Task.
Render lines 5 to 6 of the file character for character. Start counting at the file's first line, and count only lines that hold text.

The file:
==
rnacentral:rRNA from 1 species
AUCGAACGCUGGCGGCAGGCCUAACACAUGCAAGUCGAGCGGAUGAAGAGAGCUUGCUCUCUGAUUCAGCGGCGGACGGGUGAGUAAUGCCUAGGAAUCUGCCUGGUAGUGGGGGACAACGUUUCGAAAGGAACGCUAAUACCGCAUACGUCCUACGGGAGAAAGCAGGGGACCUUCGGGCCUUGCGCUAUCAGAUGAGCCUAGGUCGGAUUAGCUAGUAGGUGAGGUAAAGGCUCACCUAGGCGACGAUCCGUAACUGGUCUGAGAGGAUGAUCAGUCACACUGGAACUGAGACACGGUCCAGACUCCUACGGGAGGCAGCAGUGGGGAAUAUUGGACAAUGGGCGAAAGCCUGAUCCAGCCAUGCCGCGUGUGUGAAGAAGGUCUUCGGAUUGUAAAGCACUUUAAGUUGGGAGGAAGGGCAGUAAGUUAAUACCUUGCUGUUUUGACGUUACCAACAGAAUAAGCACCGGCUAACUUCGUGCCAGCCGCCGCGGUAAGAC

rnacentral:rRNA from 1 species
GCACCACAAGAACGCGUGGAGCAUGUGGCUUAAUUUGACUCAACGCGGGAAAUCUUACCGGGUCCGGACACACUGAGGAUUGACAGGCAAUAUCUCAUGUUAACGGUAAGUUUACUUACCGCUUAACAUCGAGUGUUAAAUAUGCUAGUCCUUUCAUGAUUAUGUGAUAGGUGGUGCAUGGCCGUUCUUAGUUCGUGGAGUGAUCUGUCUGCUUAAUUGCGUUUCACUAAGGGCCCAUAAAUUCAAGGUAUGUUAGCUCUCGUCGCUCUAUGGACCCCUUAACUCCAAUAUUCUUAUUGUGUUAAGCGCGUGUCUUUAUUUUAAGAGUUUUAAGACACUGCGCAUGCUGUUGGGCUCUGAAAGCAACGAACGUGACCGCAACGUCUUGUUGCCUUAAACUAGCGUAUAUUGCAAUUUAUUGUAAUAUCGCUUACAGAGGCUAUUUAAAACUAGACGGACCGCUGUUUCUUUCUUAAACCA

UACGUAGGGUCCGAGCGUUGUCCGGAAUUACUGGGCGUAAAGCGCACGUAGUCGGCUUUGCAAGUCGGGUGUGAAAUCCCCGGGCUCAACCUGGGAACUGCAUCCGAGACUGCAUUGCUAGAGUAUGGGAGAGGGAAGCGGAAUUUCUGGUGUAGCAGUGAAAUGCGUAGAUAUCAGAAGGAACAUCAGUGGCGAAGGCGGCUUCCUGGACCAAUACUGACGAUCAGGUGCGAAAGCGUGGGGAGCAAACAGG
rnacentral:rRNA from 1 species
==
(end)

UACGUAGGGUCCGAGCGUUGUCCGGAAUUACUGGGCGUAAAGCGCACGUAGUCGGCUUUGCAAGUCGGGUGUGAAAUCCCCGGGCUCAACCUGGGAACUGCAUCCGAGACUGCAUUGCUAGAGUAUGGGAGAGGGAAGCGGAAUUUCUGGUGUAGCAGUGAAAUGCGUAGAUAUCAGAAGGAACAUCAGUGGCGAAGGCGGCUUCCUGGACCAAUACUGACGAUCAGGUGCGAAAGCGUGGGGAGCAAACAGG
rnacentral:rRNA from 1 species